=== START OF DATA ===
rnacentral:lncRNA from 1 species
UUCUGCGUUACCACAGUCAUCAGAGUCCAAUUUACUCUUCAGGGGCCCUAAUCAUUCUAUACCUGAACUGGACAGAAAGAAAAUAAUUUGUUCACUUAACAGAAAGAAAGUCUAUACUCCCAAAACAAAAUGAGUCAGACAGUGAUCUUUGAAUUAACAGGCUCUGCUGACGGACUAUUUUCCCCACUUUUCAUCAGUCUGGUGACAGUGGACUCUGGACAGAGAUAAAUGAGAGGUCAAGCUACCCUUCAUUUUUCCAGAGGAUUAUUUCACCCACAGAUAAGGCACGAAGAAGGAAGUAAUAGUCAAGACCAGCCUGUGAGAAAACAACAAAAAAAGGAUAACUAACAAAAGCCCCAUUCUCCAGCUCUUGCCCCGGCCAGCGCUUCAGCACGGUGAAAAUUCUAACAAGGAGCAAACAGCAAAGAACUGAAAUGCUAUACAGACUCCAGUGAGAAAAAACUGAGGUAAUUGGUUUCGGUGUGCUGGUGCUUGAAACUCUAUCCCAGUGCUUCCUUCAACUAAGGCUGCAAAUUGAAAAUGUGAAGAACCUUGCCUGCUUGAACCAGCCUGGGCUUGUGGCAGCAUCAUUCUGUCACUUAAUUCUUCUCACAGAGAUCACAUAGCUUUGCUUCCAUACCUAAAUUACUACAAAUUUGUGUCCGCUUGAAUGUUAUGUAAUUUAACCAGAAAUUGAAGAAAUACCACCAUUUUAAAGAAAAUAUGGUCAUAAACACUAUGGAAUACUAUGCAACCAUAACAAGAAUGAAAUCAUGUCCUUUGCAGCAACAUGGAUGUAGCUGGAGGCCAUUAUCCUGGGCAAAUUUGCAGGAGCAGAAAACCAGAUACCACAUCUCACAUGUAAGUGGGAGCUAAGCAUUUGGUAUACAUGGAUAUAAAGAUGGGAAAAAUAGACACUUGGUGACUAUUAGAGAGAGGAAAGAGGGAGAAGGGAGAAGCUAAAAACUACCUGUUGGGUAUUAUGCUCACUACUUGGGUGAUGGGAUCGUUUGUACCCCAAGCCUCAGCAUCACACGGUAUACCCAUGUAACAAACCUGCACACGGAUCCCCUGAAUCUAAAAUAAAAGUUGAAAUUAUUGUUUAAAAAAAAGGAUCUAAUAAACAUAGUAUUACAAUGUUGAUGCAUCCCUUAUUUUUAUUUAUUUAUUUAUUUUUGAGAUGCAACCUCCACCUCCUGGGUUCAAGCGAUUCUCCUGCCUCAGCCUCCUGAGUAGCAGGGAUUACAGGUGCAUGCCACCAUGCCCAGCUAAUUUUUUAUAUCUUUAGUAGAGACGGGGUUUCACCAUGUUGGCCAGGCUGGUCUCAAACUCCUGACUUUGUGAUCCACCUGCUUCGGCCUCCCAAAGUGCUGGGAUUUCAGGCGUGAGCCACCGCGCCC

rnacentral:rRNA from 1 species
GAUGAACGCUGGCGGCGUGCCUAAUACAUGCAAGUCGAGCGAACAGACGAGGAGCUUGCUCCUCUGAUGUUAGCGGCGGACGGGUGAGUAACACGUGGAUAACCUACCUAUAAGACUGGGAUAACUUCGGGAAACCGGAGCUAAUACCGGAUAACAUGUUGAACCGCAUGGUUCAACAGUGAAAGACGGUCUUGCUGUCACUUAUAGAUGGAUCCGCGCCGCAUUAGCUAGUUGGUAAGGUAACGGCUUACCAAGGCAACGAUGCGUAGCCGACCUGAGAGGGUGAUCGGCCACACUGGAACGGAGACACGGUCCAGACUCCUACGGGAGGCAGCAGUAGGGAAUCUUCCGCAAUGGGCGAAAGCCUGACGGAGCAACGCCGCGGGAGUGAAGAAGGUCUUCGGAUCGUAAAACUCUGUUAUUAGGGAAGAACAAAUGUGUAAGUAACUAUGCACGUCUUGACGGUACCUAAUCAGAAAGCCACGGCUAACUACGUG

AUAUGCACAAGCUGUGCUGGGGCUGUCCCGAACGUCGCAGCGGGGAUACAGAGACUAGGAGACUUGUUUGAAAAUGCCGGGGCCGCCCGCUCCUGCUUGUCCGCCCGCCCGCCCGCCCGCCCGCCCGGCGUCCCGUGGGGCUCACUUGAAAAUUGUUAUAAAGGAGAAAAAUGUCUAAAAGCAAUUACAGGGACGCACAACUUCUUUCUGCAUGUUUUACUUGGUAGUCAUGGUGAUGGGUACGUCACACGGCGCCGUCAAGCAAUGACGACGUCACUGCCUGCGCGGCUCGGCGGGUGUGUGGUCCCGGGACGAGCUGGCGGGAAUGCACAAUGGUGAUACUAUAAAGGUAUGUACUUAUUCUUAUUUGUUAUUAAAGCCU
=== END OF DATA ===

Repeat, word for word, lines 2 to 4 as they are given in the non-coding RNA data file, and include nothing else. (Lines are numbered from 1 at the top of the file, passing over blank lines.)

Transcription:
UUCUGCGUUACCACAGUCAUCAGAGUCCAAUUUACUCUUCAGGGGCCCUAAUCAUUCUAUACCUGAACUGGACAGAAAGAAAAUAAUUUGUUCACUUAACAGAAAGAAAGUCUAUACUCCCAAAACAAAAUGAGUCAGACAGUGAUCUUUGAAUUAACAGGCUCUGCUGACGGACUAUUUUCCCCACUUUUCAUCAGUCUGGUGACAGUGGACUCUGGACAGAGAUAAAUGAGAGGUCAAGCUACCCUUCAUUUUUCCAGAGGAUUAUUUCACCCACAGAUAAGGCACGAAGAAGGAAGUAAUAGUCAAGACCAGCCUGUGAGAAAACAACAAAAAAAGGAUAACUAACAAAAGCCCCAUUCUCCAGCUCUUGCCCCGGCCAGCGCUUCAGCACGGUGAAAAUUCUAACAAGGAGCAAACAGCAAAGAACUGAAAUGCUAUACAGACUCCAGUGAGAAAAAACUGAGGUAAUUGGUUUCGGUGUGCUGGUGCUUGAAACUCUAUCCCAGUGCUUCCUUCAACUAAGGCUGCAAAUUGAAAAUGUGAAGAACCUUGCCUGCUUGAACCAGCCUGGGCUUGUGGCAGCAUCAUUCUGUCACUUAAUUCUUCUCACAGAGAUCACAUAGCUUUGCUUCCAUACCUAAAUUACUACAAAUUUGUGUCCGCUUGAAUGUUAUGUAAUUUAACCAGAAAUUGAAGAAAUACCACCAUUUUAAAGAAAAUAUGGUCAUAAACACUAUGGAAUACUAUGCAACCAUAACAAGAAUGAAAUCAUGUCCUUUGCAGCAACAUGGAUGUAGCUGGAGGCCAUUAUCCUGGGCAAAUUUGCAGGAGCAGAAAACCAGAUACCACAUCUCACAUGUAAGUGGGAGCUAAGCAUUUGGUAUACAUGGAUAUAAAGAUGGGAAAAAUAGACACUUGGUGACUAUUAGAGAGAGGAAAGAGGGAGAAGGGAGAAGCUAAAAACUACCUGUUGGGUAUUAUGCUCACUACUUGGGUGAUGGGAUCGUUUGUACCCCAAGCCUCAGCAUCACACGGUAUACCCAUGUAACAAACCUGCACACGGAUCCCCUGAAUCUAAAAUAAAAGUUGAAAUUAUUGUUUAAAAAAAAGGAUCUAAUAAACAUAGUAUUACAAUGUUGAUGCAUCCCUUAUUUUUAUUUAUUUAUUUAUUUUUGAGAUGCAACCUCCACCUCCUGGGUUCAAGCGAUUCUCCUGCCUCAGCCUCCUGAGUAGCAGGGAUUACAGGUGCAUGCCACCAUGCCCAGCUAAUUUUUUAUAUCUUUAGUAGAGACGGGGUUUCACCAUGUUGGCCAGGCUGGUCUCAAACUCCUGACUUUGUGAUCCACCUGCUUCGGCCUCCCAAAGUGCUGGGAUUUCAGGCGUGAGCCACCGCGCCC

rnacentral:rRNA from 1 species
GAUGAACGCUGGCGGCGUGCCUAAUACAUGCAAGUCGAGCGAACAGACGAGGAGCUUGCUCCUCUGAUGUUAGCGGCGGACGGGUGAGUAACACGUGGAUAACCUACCUAUAAGACUGGGAUAACUUCGGGAAACCGGAGCUAAUACCGGAUAACAUGUUGAACCGCAUGGUUCAACAGUGAAAGACGGUCUUGCUGUCACUUAUAGAUGGAUCCGCGCCGCAUUAGCUAGUUGGUAAGGUAACGGCUUACCAAGGCAACGAUGCGUAGCCGACCUGAGAGGGUGAUCGGCCACACUGGAACGGAGACACGGUCCAGACUCCUACGGGAGGCAGCAGUAGGGAAUCUUCCGCAAUGGGCGAAAGCCUGACGGAGCAACGCCGCGGGAGUGAAGAAGGUCUUCGGAUCGUAAAACUCUGUUAUUAGGGAAGAACAAAUGUGUAAGUAACUAUGCACGUCUUGACGGUACCUAAUCAGAAAGCCACGGCUAACUACGUG